By Ben Rosario
The law that prohibits lawmakers from personally benefiting from measures they pass does not cover the “no election” scenario being contemplated by congressmen under the proposal to revise the 1987 Constitution.
House Deputy Speaker Fredenil Castro aired this legal opinion as he confirmed that the proposed Charter is expected to contain Transitory Provisions that will allow all incumbent officials to be on holdover for another three years until the Constitution is fully in effect by 2022.
An extension of President Rodrigo Duterte’s term of office is also seen as another possible outcome of a new or revised Charter if crafted by Congress acting as a constituent assembly.
Interviewed following a guest appearance in a Quezon City media forum, Castro said he also expects the President to campaign for “yes” votes during the constitutional plebiscite.
He stressed that there nothing unlawful or morally questionable if Duterte, who might benefit from a term extension, campaigns for support for a new Constitution.
“The President is a principal proponent of federalism which is one of the principal reasons why the 1987 Constitution is being amended. He has every right to campaign for it,” the senior administration lawmaker said.
Castro, president of the second biggest political party in the Lower House, the National Unity Party, said senators and congressmen cannot also be held liable for approving a new charter that would allow them to remain in office for another three years without being elected.
“Remember that we are crafting not an ordinary legislation. This is the Constitution. The law you are citing does not apply in this case,” he said.
Earlier, Speaker Pantaleon Alvarez said only senators whose term will end in 2019 may be expected to gain from the transitory provisions of a new charter.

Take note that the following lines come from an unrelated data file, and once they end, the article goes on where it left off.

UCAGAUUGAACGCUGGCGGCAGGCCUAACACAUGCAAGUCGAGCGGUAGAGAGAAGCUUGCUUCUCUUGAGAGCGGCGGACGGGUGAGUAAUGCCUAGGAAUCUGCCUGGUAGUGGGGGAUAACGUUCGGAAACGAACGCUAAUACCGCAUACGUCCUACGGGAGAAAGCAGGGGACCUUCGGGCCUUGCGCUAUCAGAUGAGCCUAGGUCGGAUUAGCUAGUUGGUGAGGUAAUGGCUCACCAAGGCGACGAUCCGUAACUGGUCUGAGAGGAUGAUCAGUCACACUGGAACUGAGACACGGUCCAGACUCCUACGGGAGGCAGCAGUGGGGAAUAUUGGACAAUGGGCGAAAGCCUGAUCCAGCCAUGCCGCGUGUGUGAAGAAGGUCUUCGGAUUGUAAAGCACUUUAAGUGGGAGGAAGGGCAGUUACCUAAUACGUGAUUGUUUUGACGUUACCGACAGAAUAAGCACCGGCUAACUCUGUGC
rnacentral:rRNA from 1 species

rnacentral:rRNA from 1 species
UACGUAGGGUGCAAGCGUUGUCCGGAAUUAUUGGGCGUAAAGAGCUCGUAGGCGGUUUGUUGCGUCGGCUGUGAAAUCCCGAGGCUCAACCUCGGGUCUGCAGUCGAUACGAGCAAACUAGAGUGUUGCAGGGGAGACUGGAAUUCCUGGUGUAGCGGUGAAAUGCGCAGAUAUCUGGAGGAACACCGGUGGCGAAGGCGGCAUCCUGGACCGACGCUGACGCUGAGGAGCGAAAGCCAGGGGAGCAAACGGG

In a press statement, Alvarez said that for practical purposes, the 2019 senatorial elections could be scrapped and the senators whose terms are expiring that year could be allowed to stay in their post in a holdover capacity during the transition period to the federal form of government or up to 2022.
“So pupuwede sabay-sabay na lang sa 2022 (matapos ang term ng mga senador) under the new structure of government,” Alvarez said. (It is therefore possible to hold elections simultaneously in 2022 after the terms of the senators expire.)
In the press statement, Alvarez said that among the senators who are up for re-election in 2019 include Senate President Aquilino Pimentel III, Sonny Angara, Cynthia Villar, JV Ejercito, Bam Aquino, Nancy Binay, and Grace Poe.
He added that senators Francis Escudero, Gregorio Honasan, Loren Legarda, and Antonio Trillanes IV are not eligible to re-election since their terms of office will expire on June 20, 2019.
The term of the remaining senators, who were elected in the 2016 national elections, will last until 2022.
On the other hand, Alvarez said the 2019 elections for officials of local government units and members of the House of Representatives could still push through since they all had three-year terms, which would expire on 2022.
Castro disagreed with Alvarez’s opinion, saying elections under a transitory process of government is not advisable and may only sow confusion.